Of her coach she noted: "Steve is an interesting, quirky kind of guy, and he definitely has a plan for each and every athlete that comes through A&M, and each of our plans is a little bit different. He's the best coach that I've ever had, and he's so supportive, and he listens to what you want to do. Tamika has been a blessing being on the team this year as well, and he's good at doing things with "200" girls, and we do a lot of 200 pace stuff, which works for Breeja [Larson, winner of the 100m breaststroke] as well, and I'm just so thankful."

Adams breathes to the side. Why? "I started breathing to the side in the sixth grade, and we were playing around with my timing of the breathing and that sort of thing, and Scott MacFarland, he coaches for the Magnolia Aquatics Club in Texas, and it stuck. People ask if it gives me an advantage or something like that. I mean, I don't think it gives me too much of an advantage because I can't see from the other side as well, but I still saw Kathleen there on the last lap, so I don't think it hinders me, either."

Did it just feel more comfortable? "Yeah, it feels more comfortable and when I tried - we've been working on my timing of my breaths the past couple of years and it was weird - I was like, "I don't like this. Let's go back to the side."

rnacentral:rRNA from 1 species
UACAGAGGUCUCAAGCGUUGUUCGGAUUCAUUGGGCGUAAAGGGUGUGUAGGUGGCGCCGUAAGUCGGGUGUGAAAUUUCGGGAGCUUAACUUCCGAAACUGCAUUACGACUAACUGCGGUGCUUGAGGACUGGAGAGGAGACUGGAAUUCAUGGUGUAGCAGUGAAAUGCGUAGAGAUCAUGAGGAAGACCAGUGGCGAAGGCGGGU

In semi-finals:

Women's 200m breaststroke 

Olympic champion Rebecca Soni extended her lead at the helm of the world rankings in 2:21.45 (32.82; 35.74; 36.56; 36.33). Closest to her were Micah Lawrence, 2:24.12, and Andrea Kropp, on 2:24.93.

After posting the fastest heats time ever on 2:23.11, Soni's semis effort also extended to 9 the number of top 15 all-time efforts she holds, all others in that list belonging to Leisel Jones when it comes to life in a textile suit.

Asked if she now has her eye on the world record, which has stood at 2:20.12 to Annamay Pierse (CAN) since the 2009 shiny suits season, Soni said: "I can't really focus on that because I don't want to push it too early and fall back, so I just want to swim well for me, whatever that is. If that manages to be a world record, that would be amazing, but I'm not focusing on it. I'm focussed on making the team. I'm happy with the time. It's close to my best. Every time I like to get a little closer and we'll see tomorrow. I'm not thinking about times or records, I just want to see a one or two."

Women's 100m freestyle

Amanda Weir led the way to the final in 54.14, with Missy Franklin, Allison Schmitt, Jessica Hardy, Dana Vollmer, Madison Kennedy and Natalie Coughlin all in the hunt for a relay berth beyond any solo spots they may earn.